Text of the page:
(comment added 2006-02-02 07:53:53)
Dave Cross:As I mentioned in my first comment, you can get the information using @- and @+.

push @section,[$-[0],$+[0] - $-[1],$1]
while ($html =~ m!(https?://[^ >"]+)!g);

One other point I forgot to mention earlier.

Special variables like $/ should only ever be changed using 'local' in a block - so that they regain their former value once you exit that block. You don't want to leave interesting values in those variables which might break the rest of your program.

So I'd write your example as:

open (FH,"/Library/WebServer/live_html/resources/index.html");

my $html;
{
local $/ = undef;

$html = ;
}

Or, more idiomatically:

open (FH,"/Library/WebServer/live_html/resources/index.html");

my $html = do { local $/; };

(comment added 2006-02-02 10:42:31)
Graham Ellis:Don't you just love the way there's always half a dozen ways to do things in Perl. Truely a great language, but one that's biased toward being fantastic to use for the practitioner who's really deep into it.

Dave - many thanks for all the inputs / alternatives / caveats. I agree 'em all ... (and note your @+ and @- comments that I overlooked yesterday). I hope we haven't frightened of the newcomer who asked what he felt was going to be answered by a single simple line!
(comment added 2006-02-03 07:23:34)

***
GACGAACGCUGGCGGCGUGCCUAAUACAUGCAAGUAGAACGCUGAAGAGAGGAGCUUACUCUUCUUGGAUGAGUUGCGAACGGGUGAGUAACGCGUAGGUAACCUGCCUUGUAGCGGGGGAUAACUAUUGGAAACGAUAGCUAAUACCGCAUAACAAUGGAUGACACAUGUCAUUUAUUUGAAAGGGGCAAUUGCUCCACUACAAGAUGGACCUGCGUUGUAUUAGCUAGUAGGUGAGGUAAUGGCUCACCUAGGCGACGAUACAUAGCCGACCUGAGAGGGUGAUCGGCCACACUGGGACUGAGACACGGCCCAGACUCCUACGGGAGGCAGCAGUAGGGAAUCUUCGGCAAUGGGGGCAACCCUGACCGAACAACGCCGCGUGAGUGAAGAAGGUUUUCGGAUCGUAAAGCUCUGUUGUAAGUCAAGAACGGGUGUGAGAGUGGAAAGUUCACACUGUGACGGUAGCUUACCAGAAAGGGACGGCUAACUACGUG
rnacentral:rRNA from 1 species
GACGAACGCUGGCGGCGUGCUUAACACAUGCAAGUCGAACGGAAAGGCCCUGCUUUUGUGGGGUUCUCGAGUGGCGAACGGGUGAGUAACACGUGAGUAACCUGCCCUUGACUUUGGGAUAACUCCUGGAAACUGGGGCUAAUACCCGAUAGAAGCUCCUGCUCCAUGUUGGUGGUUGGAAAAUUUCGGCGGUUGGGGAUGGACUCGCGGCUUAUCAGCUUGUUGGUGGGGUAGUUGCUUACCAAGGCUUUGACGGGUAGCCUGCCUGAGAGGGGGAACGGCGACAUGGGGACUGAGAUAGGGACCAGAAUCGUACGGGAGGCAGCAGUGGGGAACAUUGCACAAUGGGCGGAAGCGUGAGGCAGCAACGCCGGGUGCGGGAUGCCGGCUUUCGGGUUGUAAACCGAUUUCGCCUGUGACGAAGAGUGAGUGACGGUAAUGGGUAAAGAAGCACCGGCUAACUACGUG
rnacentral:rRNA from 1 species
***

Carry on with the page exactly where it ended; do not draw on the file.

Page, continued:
Associated topics are indexed as below, or enter http://melksh.am/nnnn for individual articles
P212 - Perl - More on Character Strings
  [4452] Binary data handling - Python and Perl - (2015-03-09)
  [3927] First match or all matches? Perl Regular Expressions - (2012-11-19)
  [3707] Converting codons via Amino Acids to Proteins in Perl - (2012-04-25)
  [3650] Possessive Regular Expression Matching - Perl, Objective C and some other languages - (2012-03-12)
  [3630] Serialsing and unserialising data for storage and transfer in Perl - (2012-02-28)
  [3546] The difference between dot (a.k.a. full stop, period) and comma in Perl - (2011-12-09)
  [3411] Single and double quotes strings in Perl - what is the difference? - (2011-08-30)
  [3332] DNA to Amino Acid - a sample Perl script - (2011-06-24)
  [3322] How much has Perl (and other languages) changed? - (2011-06-10)
  [3100] Looking ahead and behind in Regular Expressions - double matching - (2010-12-23)
  [3059] Object Orientation in an hour and other Perl Lectures - (2010-11-18)
  [2993] Arrays v Lists - what is the difference, why use one or the other - (2010-10-10)
  [2877] Further more advanced Perl examples - (2010-07-19)
  [2874] Unpacking a Perl string into a list - (2010-07-16)
  [2834] Teaching examples in Perl - third and final part - (2010-06-27)
  [2801] Binary data handling with unpack in Perl - (2010-06-10)
  [2657] Want to do a big batch edit? Nothing beats Perl! - (2010-03-01)
  [2379] Making variables persistant, pretending a database is a variable and other Perl tricks - (2009-08-27)
  [2230] Running a piece of code is like drinking a pint of beer - (2009-06-11)